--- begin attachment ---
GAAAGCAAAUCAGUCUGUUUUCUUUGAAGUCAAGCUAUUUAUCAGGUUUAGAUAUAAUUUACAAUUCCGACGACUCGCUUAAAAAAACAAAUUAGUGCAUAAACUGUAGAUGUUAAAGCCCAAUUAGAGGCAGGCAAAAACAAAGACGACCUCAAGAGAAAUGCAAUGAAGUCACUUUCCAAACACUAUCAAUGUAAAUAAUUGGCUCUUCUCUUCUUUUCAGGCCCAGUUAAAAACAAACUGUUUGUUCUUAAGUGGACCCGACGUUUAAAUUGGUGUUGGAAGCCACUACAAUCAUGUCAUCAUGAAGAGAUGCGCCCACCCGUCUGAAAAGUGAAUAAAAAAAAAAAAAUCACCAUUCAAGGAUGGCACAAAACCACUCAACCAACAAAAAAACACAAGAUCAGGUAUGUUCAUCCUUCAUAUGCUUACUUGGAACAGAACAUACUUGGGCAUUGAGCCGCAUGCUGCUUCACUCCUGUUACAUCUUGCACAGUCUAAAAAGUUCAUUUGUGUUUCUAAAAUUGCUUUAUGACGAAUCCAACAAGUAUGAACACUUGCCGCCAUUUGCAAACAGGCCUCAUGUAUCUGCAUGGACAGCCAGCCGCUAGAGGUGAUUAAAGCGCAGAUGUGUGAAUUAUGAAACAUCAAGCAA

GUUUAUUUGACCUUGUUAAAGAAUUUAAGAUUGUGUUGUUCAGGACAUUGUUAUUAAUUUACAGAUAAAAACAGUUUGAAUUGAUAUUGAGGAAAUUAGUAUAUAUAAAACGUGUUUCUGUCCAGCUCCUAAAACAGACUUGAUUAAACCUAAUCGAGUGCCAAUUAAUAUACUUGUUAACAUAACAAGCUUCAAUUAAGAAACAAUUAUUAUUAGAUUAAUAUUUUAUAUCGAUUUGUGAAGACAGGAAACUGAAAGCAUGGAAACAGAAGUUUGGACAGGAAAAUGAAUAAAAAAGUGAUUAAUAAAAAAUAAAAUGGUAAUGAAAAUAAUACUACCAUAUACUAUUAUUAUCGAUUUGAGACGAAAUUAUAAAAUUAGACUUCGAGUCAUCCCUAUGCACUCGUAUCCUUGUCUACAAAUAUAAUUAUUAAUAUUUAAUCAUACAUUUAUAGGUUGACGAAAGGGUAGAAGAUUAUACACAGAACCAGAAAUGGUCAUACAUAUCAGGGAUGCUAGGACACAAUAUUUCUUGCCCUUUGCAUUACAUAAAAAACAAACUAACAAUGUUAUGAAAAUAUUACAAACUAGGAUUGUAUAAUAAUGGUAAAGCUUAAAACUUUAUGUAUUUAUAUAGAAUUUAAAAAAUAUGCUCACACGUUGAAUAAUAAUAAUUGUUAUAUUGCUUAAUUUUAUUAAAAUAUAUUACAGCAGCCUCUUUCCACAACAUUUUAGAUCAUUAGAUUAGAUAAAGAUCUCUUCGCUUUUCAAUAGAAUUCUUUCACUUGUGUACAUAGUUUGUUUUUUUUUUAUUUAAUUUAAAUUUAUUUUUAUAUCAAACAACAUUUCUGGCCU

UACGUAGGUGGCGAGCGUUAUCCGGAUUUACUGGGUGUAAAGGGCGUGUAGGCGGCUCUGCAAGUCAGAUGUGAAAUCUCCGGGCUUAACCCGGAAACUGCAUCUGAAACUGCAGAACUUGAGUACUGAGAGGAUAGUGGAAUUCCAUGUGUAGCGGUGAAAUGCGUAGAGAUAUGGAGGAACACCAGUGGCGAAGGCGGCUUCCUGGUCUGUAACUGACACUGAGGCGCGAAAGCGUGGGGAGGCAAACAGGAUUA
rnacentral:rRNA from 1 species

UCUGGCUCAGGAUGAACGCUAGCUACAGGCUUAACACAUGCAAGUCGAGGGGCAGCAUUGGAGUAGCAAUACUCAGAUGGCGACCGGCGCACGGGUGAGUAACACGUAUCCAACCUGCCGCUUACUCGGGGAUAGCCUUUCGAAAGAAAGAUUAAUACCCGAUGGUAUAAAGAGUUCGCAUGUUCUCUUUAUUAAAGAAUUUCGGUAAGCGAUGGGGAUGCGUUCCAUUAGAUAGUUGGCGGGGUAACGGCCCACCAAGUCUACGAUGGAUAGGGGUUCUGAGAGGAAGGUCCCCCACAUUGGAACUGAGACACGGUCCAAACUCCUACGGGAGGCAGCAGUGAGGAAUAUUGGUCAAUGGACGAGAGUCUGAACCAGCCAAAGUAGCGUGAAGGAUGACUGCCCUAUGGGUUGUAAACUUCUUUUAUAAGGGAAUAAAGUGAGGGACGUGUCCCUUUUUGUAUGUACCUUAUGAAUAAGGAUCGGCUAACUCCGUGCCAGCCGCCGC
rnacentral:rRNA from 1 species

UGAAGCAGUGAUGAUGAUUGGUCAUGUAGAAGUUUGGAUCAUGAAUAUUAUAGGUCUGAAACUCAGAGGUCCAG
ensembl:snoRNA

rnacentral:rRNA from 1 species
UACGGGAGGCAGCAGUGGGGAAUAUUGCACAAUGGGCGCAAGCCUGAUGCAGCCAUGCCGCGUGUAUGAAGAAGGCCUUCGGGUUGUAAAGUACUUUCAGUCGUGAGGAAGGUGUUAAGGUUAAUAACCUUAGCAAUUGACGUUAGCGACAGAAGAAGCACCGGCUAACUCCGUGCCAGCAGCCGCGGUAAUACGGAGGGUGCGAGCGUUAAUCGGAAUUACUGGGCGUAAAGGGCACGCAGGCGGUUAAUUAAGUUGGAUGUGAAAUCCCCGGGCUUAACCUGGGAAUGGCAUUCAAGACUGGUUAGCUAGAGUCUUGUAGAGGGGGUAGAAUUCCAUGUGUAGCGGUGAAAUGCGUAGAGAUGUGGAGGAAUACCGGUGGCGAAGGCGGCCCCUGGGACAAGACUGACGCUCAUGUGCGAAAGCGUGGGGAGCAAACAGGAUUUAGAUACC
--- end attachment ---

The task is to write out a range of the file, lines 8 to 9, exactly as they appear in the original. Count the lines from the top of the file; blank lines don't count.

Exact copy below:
ensembl:snoRNA

rnacentral:rRNA from 1 species